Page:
3 Buyers Tips for Homes in East Cobb
If you are looking to buy a house there is a lot to consider. After you have worked with a great Realtor® in East Cobb to identify the properties which fulfill your preliminary standards for consideration, it is time to go on a viewing of the properties. Your Realtor® is an invaluable asset in your house search.To make the best use of their services, you should be sure to ask them a few questions before viewing the home.
The more information you have corroborated from as many separate sources as possible, the better your confidence will be in the information you have received and, ultimately, the more satisfying your end purchase will be.
What to Ask Your Real Estate Agent
The more interested you are in any particular property, the more questions you should ask your agent before you buy a house. The first question you ask should relate to obtaining information on the state of the condition of the property.
Over time, houses can deteriorate, which can cause catastrophic failure in the very foundation of the property. In addition, you will want to ask about the current state of the electrics and wiring, interior lining, condition of the roof, the exterior paneled materials, and plumbing.
Any physical work that been done on the house will have records, detailing the previous condition of the affected elements, as well as the rectification. Your real estate agent should have all of these records on hand, or work to obtain them.
If they cannot produce this information, consider finding a better real estate agent such as Gail Harris in East Cobb. This documentation will also indicate the state of permitted work which has been done on the property, as opposed to that which was not specifically given a permit for.
A great question to ask yourself is: “Why is the house for sale?” This should lead to you asking your agent the following: “Have there been other offers? If so, how many and how long has the property been on the market?
If it is not selling and has been listed for a long time, there must be a reason for the stagnation. What is the reason?” Again, any inability on the part of your
Realtor® to adequately answer these questions will indicate a discrepancy in your Realtor’s quality. Honesty is the only policy which is acceptable in realty.
It is a good idea to find out about the rates of utilities on the properties in question. If the home has had a previous owner or occupant, your Realtor® should have documentation of the previous utility rates and can tell you a rough estimation of what you will end up paying every month.
Finally, be sure you ask an open-ended question regarding anything else you should know or anything which will negatively affect the property’s value in the next decade or so.
Taking a Walkthrough with Purpose
After you have obtained the preliminary information regarding a particular property, the house building guide and the area it is situated in, it is time to tour the actual house.
Now, you are going into the walkthrough with good information about the sale price, previous ownership, state of wear, and all the rest of the home’s back story.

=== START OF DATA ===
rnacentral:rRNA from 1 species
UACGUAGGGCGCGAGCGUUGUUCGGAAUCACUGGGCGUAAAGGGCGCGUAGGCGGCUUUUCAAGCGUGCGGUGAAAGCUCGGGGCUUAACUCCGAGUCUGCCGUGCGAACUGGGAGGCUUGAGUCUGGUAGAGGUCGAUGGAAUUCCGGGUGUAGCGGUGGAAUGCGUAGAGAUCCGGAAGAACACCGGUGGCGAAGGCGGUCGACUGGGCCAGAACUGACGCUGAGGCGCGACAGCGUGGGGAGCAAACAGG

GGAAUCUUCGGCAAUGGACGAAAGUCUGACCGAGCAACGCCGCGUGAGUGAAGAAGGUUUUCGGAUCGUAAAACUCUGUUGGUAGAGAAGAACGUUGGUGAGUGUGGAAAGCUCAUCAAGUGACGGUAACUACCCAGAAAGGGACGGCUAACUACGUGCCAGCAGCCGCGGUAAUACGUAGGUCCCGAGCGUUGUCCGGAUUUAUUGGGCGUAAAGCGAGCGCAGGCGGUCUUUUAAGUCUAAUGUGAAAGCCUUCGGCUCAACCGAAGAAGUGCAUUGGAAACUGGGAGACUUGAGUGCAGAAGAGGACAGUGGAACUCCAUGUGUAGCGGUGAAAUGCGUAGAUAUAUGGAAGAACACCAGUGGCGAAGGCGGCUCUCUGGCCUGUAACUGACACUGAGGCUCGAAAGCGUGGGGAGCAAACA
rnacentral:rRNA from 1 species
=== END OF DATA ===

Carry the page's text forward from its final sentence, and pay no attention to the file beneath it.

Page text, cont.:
Note the natural light, strange odors and possible water damage. Also, during your first viewing of the property, there are several key features you will want to take note:
The age of the home’s roof and its state of wear can likely be one of the most important features to take note of. Asking price aside, replacing the roof of a house or repairing it for that matter is often the most costly expenditure. The materials used to construct the roof, along with the building contractors level of skill and craftsmanship, will determine the lifespan of the roof.
Cheaper roofs are shorter lived and high-quality roofs are more costly. Shingle roofs can last up to 50 years if they have been well installed. Conversely, shingled roofs which have been poorly constructed may only last 10 years or so.
Looking for missing shingles and warped shingles is a good indicator of an older roof which will need replacing before too long.Heat and Air Conditioning
An old air conditioning unit can end up costing you thousands of dollars a year in extraneous costs and bills. The state of your home’s energy efficiency can also depend on its window seals, insulation, and air circulation.
The cost to completely replace an air and heat system can be very expensive. A new furnace alone can cost over $5-$8k just for the unit! Unfortunately, heaters and AC units do not always have an indicator regarding the installation date of the system.
A home inspector will likely be able to provide more conclusive information. However, it should be apparent if the air conditioner or heater is as old as the hills and in need of an update.
During your walk through, an easy test to see whether or not the plumbing is operational on the most basic level is to check that every faucet, sink, and toilet works correctly and efficiently. It is very easy to look under the sinks to make sure no accessible pipes are leaking.
If the water pressure seems too low, this could be indicative of older plumbing behind the walls or a leak somewhere unseen. If the water from the sink is supposed to come from a city water purification plant or a natural water well, give the water a smell and a taste, and no matter what, take a little water sample with you.
Hopefully these tips will help you in your home buying process.